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    A Communicator in the Room: In Conversation PJ Crowley

    KEY TAKEAWAYS

    • Although the imperative to communicate exists for many organizations, a culture of communication can be lacking. To improve, find the balance between the need and the desire to communicate.
    • Communicators always deserve a seat at the table when big decisions are made. To prevent problems from becoming crises, a communicator should be present in day-to-day decisions, so that they have the background information necessary to mitigate a crisis.
    • Trust that your organization has a receptive audience, and use communication tools to further your mission.

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    The Value of (Digital) Tools

    When I was working at the Robert Wood Johnson Foundation several years ago, my colleagues noticed that I was developing a growing sensitivity to the words “tool” or “toolbox.” I had a reason for my somewhat irrational dislike; at the time, my job involved reviewing tons of funding proposals. In answering the question, “How do you plan to communicate the results of this project?” applicant organizations were predictably anxious to demonstrate that they had evolved beyond the, “We’ll publish a research article or white paper” phase. Instead, they said things like: “We’ll gather the ideas from this project to develop a tool/toolbox for others to use” phase.

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    WEBINAR — Lessons from The Atlantic: Bridging the Curiosity Gap

    The Atlantic has been a long-admired and influential magazine, but with the advent of the internet and the arrival of social media, it has had to adapt. In doing so, it has thrived, and its website has become one of the most-visited sites on the web.

    Lessons from The Atlantic: Closing the Curiosity Gap is a Communications Network members-only webinar that will explore the data-based lessons learned by The Atlantic’s team, and their application to nonprofit communications professionals.

    The Atlantic learned that much of its online traffic was coming through the “side door.” that is, prompted by email or social media. In order to maximize a reader’s interest and prompt them to click on a link in an email or a tweet, they have mastered the art of “bridging the curiosity gap,” or turning interest into clicks — a skill everyone can use.

    This webinar will teach you how The Atlantic and its sister brands craft headlines that attract reader attention, without falling into the pitfalls of disappointing “click-bait.”

    DATE: Wednesday, February 11, 2015
    TIME: 2pm-3pm EST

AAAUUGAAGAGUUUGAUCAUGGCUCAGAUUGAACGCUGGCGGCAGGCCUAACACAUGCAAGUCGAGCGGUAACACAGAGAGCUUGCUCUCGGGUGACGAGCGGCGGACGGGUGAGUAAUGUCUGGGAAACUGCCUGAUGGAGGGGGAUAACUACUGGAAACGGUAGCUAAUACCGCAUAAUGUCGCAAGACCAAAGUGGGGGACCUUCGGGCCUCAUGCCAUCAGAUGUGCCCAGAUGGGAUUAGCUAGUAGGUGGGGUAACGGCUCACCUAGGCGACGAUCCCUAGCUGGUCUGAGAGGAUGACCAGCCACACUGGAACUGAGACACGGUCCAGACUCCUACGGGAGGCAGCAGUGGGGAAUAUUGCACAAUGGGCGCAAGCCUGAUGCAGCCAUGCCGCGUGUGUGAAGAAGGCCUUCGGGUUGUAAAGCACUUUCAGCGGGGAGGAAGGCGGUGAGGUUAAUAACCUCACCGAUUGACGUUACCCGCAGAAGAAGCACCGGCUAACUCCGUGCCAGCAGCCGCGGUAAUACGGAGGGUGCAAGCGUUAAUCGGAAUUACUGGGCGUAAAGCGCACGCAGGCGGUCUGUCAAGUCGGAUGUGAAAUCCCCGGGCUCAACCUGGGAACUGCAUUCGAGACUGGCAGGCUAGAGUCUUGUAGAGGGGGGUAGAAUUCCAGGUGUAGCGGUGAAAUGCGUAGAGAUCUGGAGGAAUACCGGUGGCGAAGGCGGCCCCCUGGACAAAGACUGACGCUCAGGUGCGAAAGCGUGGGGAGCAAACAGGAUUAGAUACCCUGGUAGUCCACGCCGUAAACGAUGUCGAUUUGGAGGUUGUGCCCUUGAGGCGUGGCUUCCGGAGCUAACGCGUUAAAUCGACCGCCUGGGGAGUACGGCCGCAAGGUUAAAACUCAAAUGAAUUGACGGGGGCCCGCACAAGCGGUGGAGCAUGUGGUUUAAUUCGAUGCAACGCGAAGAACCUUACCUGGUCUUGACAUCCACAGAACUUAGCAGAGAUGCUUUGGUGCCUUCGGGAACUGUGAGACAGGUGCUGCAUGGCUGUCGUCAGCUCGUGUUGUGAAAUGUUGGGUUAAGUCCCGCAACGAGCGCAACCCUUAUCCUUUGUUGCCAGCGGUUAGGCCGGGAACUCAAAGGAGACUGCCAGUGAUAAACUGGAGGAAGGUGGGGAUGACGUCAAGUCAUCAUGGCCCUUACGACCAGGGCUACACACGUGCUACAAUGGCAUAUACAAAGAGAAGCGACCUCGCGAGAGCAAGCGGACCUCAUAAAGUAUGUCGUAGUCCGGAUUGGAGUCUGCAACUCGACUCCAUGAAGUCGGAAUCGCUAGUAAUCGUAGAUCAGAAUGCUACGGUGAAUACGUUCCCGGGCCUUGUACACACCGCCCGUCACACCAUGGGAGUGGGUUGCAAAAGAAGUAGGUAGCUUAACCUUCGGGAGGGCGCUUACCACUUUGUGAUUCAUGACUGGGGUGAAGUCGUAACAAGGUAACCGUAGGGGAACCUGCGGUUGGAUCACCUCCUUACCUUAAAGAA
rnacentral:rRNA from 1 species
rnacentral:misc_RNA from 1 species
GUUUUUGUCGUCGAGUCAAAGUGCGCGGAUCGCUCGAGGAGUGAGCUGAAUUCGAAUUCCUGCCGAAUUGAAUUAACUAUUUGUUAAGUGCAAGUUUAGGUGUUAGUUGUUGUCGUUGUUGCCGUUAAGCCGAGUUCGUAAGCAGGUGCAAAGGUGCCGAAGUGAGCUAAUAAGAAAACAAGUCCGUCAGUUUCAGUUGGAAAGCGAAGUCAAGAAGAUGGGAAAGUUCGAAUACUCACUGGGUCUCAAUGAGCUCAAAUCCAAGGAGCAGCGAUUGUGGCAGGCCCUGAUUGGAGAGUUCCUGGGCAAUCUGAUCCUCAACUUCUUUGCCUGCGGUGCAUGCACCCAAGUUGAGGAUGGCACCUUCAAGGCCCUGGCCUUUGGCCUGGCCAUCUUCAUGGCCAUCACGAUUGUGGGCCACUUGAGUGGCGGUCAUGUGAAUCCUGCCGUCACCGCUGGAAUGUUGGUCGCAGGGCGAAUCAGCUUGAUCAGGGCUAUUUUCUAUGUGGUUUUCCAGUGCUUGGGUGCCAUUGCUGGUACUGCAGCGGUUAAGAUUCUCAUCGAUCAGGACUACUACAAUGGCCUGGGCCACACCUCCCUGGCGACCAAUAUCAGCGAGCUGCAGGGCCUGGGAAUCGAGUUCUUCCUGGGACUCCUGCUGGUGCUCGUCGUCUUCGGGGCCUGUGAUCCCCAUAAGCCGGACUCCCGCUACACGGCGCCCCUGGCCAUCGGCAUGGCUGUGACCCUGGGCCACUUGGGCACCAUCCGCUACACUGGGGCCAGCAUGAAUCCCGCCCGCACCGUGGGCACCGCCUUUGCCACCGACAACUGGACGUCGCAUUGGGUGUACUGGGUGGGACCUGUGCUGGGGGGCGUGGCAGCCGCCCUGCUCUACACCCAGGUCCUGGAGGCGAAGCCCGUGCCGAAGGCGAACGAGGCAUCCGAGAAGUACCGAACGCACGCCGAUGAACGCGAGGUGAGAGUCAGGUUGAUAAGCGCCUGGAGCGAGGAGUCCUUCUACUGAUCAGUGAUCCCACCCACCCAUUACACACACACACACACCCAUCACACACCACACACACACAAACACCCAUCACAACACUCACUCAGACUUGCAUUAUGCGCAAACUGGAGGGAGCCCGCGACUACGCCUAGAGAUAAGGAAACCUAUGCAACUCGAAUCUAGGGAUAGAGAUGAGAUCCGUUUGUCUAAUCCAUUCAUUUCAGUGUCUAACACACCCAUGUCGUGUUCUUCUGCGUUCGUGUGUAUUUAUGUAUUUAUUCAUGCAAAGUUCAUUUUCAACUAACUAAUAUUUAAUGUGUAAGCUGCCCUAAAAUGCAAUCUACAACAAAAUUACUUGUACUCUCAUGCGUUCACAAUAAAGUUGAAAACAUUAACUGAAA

REGISTER HERE

    With today’s content traveling so prominently on social media and email, a robust headline strategy is critical to building curiosity and cultivating reader interest, whether you’re a magazine publisher or a social sector leader.

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    Know Your Frame

    KEY TAKEAWAYS

    • Changing public opinion can be a long, uphill climb. 
    • The first step to securing a policy victory is identifying the one point you want to change the public’s mind on. Then, ask yourself if changing opinion on that point will make it easier to enact a policy change.
    • Embrace your cause and don’t be afraid to address it directly — the public will respond to authentic campaigns.

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    Making Ideas Move


    The Communications Network is partnering with The Stanford Social Innovation Review to present Making Ideas Move, a series featuring some of the most influential and consequential leaders and organizations in the social sector sharing their ideas and insights on the power and potential of strategic communications to improve lives and spark change.

    In this day and age, oftentimes communications IS the work. – from Communication Matters ,www.com-matters.org

    Join your Network colleagues for discussions prompted by the series on Twitter or Facebook (we’ll be hosting conversations around the hashtag: #MoveIdeas) or on The Network’s members-only listserv (simply email DISCUSSIONS@ComNetwork.org to post a question or reaction). You can also post a comment below.

    You can read more about the series in the introductory piece by The Network’s Executive Director Sean Gibbons here.

    Check back on this page in the coming weeks for links to pieces from The Rockefeller Foundation, Freedom to Marry, The Knight Foundation and others.

     

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